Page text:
On the run in the year 1987, Bumblebee finds refuge in a junkyard in a small California beach town. On the cusp of turning 18 and trying to find her place in the world, Charlie Watson discovers Bumblebee, battle-scarred and broken.
Jorge Lendeborg Jr.,
A youth chooses manhood. The week Sam Witwicky starts college, the Decepticons make trouble in Shanghai. A presidential envoy believes it's because the Autobots are around; he wants them gone. He's wrong: the Decepticons need access to Sam's mind to see some glyphs imprinted there that will lead them to a fragile object that, when inserted in an alien machine hidden in Egypt for centuries, will give them the power to blow out the sun. Sam, his girlfriend Mikaela Banes, and Sam's parents are in danger. Optimus Prime and Bumblebee are Sam's principal protectors. If one of them goes down, what becomes of Sam?Written by
According to Roberto Orci, Jonah Hill was offered the part of Leo Spitz, and even received a copy of the script, but negotiations fell through. See more »
(at around 25 mins) When Sam meets Leo in the dorm room, the bike near the window is not chained/padlocked to the metal bed frame springs. However, when Leo complains about Robo-Warrior the bike is chained/padlocked to the bed frame, but when Sam's parents walk in it's not again. Additionally, the bed frame moves from being in front of the window closer to the corner, to being directly in front of the window fan. See more »
Earth, birthplace of the human race. A species much like our own, capable of great compassion and great violence. For in our quest to protect the humans, a deeper revelation dawns: our worlds have met before...
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The DreamWorks and Paramount logos are accompanied by a series of robotic sounds. See more »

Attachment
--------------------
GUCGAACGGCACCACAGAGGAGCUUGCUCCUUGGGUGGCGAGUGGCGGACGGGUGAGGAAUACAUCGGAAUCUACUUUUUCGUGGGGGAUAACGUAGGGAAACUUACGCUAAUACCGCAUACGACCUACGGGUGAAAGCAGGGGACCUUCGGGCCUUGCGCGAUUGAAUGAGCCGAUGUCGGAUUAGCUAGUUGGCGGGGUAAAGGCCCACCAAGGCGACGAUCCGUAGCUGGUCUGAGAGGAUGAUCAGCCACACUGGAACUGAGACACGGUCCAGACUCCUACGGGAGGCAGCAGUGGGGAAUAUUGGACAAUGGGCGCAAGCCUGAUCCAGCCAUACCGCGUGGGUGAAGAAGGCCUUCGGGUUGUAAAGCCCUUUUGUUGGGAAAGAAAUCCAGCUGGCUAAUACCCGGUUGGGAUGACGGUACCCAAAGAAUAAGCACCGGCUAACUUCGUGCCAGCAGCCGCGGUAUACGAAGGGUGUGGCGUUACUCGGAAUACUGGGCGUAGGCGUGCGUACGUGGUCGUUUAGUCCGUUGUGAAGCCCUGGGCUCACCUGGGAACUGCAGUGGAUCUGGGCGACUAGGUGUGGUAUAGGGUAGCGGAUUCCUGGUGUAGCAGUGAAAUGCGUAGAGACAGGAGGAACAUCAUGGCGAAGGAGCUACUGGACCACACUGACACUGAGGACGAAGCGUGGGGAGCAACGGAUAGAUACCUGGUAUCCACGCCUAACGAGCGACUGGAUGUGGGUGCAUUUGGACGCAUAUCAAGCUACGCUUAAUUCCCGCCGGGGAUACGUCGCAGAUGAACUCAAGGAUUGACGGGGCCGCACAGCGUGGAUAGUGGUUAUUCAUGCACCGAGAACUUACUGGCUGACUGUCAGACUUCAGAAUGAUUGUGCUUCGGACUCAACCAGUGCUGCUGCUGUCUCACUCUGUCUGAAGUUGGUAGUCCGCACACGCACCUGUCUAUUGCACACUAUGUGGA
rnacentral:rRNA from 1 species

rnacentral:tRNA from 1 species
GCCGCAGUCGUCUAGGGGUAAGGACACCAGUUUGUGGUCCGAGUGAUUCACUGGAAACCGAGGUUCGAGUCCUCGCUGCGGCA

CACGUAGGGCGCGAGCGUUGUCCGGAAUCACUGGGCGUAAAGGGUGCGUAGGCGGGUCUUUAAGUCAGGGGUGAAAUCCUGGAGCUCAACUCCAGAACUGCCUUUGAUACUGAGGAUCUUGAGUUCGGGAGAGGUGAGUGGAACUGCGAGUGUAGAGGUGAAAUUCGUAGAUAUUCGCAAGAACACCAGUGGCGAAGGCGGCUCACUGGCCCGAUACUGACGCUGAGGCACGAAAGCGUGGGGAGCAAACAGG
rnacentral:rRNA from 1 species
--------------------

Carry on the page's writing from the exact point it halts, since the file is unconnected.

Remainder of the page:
The IMAX version of the film, released on DVD and Blu-ray as a "Big Screen Edition" exclusively at Wal-Mart, features at least an additional minute of footage. During the film, the screen resolution and aspect ratio occasionally changes to the larger (70mm) IMAX format for select shots (jumping back and forth between this and the standard aspect ratio in the middle of a scene). The scenes include a slightly extended version of the fight in the forest, with more shots of Decepticons exchanging fisticuffs with Optimus Prime, Sam reacting, etc. Two more sequences consist of footage of Devastator during his transformation in the desert and various assaults on the pyramid. Much of the IMAX footage consists of alternate takes as well. See more »
Could have been better, but could have been much worse!
For the most part, this film is the decent thrill ride that the movie going audience is looking for. As an action moving, it has scenes to astound and thrill any avid fan. As a science fiction movie it stands reasonably well. It doesn't over-explain things and doesn't throw in concepts as central plot points that are blatantly impossible (super novas that threaten entire galaxies, I'm talking about you Star Trek). The movie also does relatively well on a comedic note, and from a standpoint of general plot. Though others have complained about the central importance of Sam's role being unlikely and a retread of the first film, it follows through logically from where the first film left off.
Though the film is a lot of fun, it does have its flaws. Unfortunately the humor descends to the low brow a little too often. Also the Autobot twins that Michael Bay apparently loved so much were frightfully annoying. They did also lean towards offensive cultural stereotypes a little heavily. It is unfortunate because a couple of their funnier lines could have been delivered just as well by completely different characters. In fact they might have been funnier coming from a more straight laced Autobot. The use of the twins in pure Jar Jar Binks fashion (though not quite as irritating) was unfortunate given how many underused robots there were. The comment about Sam's roommate's bravery could have been unexpectedly hilarious coming out of Arcee.
Most of the other glitches in the film were relatively minor and not worth mentioning, though the writers could use a geography lesson. If you enjoy action films and don't need a deeper artistic message, Revenge of the Fallen is well worth the watch.
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